Quilt, the band, not the blanket, released their third studio album Plaza last month. Along with their new album, this quirky trio released a commentary album, which you can find on Spotify. Bandmembers Anna Fox Rochinski, Shane Butler and John Andrews talk about the meaning/influences of each song on Plaza, giving a rare insight into their creative processes. So far, “Roller” is my favorite track of the album. The music video (see above), like Quilt’s music, is both fascinating and puzzling.
If you’re unfamiliar with Quilt, they’re a psychedelic indie rock band which formed in Boston back in 2009 (though they consider themselves a New York-based band.) The band tours in a Chevy Express Passenger van fondly named “Big Earl.” Quilt produces an experimental blend of dream pop and 60s psychedelic rock (think Jefferson Airplane). I can see some similarities with groups like The Flaming Lips and Yo La Tengo, but Quilt is decidedly unique. Their lyrics are odd and creative and maybe don’t make a lot of sense but they seem really deep. Nonsensical lyrics are also scientifically proven to be the most fun to sing along to. Quilt’s sound hasn’t changed too much since their previous album Held in Splendor – which is good (I liked that one a lot). Definitely check out some earlier tunes such as “The Hollow,” “Tie Up the Tides” and “The Eye of the Pearl.”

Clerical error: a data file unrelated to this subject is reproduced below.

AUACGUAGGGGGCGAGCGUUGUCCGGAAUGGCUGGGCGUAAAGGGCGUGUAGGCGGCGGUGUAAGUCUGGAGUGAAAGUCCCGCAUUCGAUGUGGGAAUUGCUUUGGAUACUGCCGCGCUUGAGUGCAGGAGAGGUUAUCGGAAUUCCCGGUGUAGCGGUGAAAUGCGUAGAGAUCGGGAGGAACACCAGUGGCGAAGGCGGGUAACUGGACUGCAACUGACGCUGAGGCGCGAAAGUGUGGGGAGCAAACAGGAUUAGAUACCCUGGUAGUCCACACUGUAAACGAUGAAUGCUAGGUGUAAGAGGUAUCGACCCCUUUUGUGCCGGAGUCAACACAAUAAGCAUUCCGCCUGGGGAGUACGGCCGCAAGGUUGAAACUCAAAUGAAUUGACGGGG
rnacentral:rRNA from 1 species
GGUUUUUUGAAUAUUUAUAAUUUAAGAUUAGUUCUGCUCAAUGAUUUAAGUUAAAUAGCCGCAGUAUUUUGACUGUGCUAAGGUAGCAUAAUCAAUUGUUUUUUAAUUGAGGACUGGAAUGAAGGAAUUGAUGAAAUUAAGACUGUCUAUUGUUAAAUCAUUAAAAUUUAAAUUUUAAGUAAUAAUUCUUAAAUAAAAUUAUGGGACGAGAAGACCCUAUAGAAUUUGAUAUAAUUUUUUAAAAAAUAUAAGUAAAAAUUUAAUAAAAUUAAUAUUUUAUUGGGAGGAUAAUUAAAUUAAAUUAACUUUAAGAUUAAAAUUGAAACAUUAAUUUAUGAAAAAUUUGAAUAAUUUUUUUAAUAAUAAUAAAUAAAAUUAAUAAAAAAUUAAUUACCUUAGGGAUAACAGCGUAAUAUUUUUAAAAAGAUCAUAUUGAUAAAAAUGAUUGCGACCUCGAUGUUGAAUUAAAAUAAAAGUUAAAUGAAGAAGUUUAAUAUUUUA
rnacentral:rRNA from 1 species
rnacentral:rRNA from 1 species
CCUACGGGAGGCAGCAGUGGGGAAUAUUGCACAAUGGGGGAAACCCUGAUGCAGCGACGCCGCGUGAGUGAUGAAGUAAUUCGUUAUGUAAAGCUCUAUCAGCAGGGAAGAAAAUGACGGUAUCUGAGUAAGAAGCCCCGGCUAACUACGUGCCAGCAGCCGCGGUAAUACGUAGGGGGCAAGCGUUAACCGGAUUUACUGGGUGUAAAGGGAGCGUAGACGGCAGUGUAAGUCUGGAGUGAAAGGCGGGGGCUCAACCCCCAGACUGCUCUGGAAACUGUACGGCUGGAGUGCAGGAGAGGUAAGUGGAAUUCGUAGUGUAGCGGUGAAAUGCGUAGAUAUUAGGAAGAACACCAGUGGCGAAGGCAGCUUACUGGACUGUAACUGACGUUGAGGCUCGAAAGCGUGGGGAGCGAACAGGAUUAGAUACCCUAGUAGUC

Plaza is a solid album overall. But for those of us who are short on time and motivation, here’s a list of my top 5 songs on the album (in no particular order):
The clear single on the album, also the most upbeat tune. I may like this song because I enjoy sarcastically calling people “honey.”
“How can you believe, that everyone you meet is just here to entertain you? But honey, you’ve been at my throat about it”
This is the quintessential Quilt song. There’s a lot of repetition but the instrumentation keeps it from being boring.
“She can’t remember when, she felt her own age, she didn’t need to live, on her own stage”
Hissing My Plea
Sassy and surprisingly danceable.
“The imitations of their complaints, impersonating what we have tamed, and yet we’re drowning everything in our way”
‘Something There’ has a comforting familiarity to it. It sounds like something you would hear around a campfire at a youth group retreat.
“And if you are loving, she’s loving, and if you are breathing, she’s breathing, and if you are grieving, she’s grieving, and if you are leaving, she’s leaving, she’s leaving, she’s leaving, she’s leaving”
This song made the list just for the intro; it’s short but sweet and draws you in right away. Probably the most under-appreciated song on the album, based on the number of play on Spotify.
“And if I try hard to know you, how will I know that I know my own name?”
But seriously, just listen to the full album below: